Posts Tagged ‘career’

It’s pretty ironic, really, that I have been spending hours online messing with things like websites, social networking, and decoding twitter-speak and it has left me with no time to blog here.  At my first bloggy site of love.  (Can I tell you how much it pleases me that that sentence resembles “love at first sight” and yet frustrates me that I couldn’t edit it to make it a more recognizable pun?)

After declaring, on my thirtieth birthday no less, a year of just me, no DOing, I went and got doing.

I been doing a lot lately.

No, not in the sack.  You all have one track minds.

Here are my latest adventures.  They keep me up late.  I can’t keep my mind off of them.  I am excited beyond belief.  I am terrified to my core:

  • PictureBook Plays has gotten a complete overhaul after its last publisher turn-down.  The task was immense and still ongoing.
  • GAN-e-meed Theatre Projecthas been launched to the online public and is now in the process of a bloggy face-lift.  Next step…press releases. (fine print: we need to raise 32K by April 2010 so please email me and then send me a check)
  • I have been accepted to present a workshop at NAEYC in DC this fall.  Apparently, it’s not easy to get a workshop accepted so this is a huge honor and a big step in my career. 

More anon.


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Dream Lost

I used to be an actress.

A very talented actress.

I got cast in good roles; I got good reviews.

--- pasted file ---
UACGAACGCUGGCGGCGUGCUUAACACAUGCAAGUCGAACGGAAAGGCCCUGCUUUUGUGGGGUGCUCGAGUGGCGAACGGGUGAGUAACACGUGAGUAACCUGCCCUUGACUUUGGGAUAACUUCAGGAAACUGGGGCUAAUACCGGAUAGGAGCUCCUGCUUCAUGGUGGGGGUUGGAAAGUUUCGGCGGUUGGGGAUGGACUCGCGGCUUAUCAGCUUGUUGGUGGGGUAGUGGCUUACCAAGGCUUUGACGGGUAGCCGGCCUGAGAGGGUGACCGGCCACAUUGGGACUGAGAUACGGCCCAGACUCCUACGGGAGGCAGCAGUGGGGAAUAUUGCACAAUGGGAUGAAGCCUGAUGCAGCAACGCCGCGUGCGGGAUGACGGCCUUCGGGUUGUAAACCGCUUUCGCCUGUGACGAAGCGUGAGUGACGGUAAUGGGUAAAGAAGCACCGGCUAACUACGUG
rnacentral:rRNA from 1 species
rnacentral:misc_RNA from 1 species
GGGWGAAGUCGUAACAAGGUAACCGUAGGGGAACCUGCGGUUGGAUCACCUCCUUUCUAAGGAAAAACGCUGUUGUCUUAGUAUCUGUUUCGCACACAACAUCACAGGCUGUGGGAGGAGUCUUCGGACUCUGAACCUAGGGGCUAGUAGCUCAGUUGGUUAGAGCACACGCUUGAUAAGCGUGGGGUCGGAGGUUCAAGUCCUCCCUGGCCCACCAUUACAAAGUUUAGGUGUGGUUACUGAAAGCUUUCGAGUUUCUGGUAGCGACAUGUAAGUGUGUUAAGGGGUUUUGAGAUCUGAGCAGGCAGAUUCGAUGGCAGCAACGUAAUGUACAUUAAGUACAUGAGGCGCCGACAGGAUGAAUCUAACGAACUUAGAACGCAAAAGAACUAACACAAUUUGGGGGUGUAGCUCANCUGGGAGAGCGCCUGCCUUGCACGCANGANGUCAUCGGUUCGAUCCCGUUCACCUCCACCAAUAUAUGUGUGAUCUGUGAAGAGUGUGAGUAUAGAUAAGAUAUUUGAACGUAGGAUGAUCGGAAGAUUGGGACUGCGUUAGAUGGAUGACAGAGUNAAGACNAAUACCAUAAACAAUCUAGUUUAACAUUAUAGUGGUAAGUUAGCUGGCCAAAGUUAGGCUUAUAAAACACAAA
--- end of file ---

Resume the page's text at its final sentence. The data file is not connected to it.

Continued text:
I was young and excited and brave and going places.

But I was unhappy.  I dreaded rehearsals.  I dragged my feet to shows.

Once on stage, I was perfectly fine–indeed, I was glory incarnate.  But, getting there, that was another story.

So, slowly but surely, I left acting behind.  I focused on teaching, on administration, on directing, on producing.  But I still find myself missing being an actress.  I find myself missing what I could have been.

I stare at bios, pictures, and websites of the women and men I know who have continued to live their bohemian actor lives and a knot rises in my chest.

I wish I was that.  I wish I could have been that simply because I was good at it.  I could have been something.  Actually, I was something.  I was talented.  Now, the thought of auditioning leaves me shaking in my boots.

In the darkest, smallest room in my heart, there is a promise to myself that I will act full-time again, when I’m fifty.  I will retire early and go back to the theatre.  And then I will play the great roles.  But, for now, it is a dream lost to life, time, circumstances, and choices.

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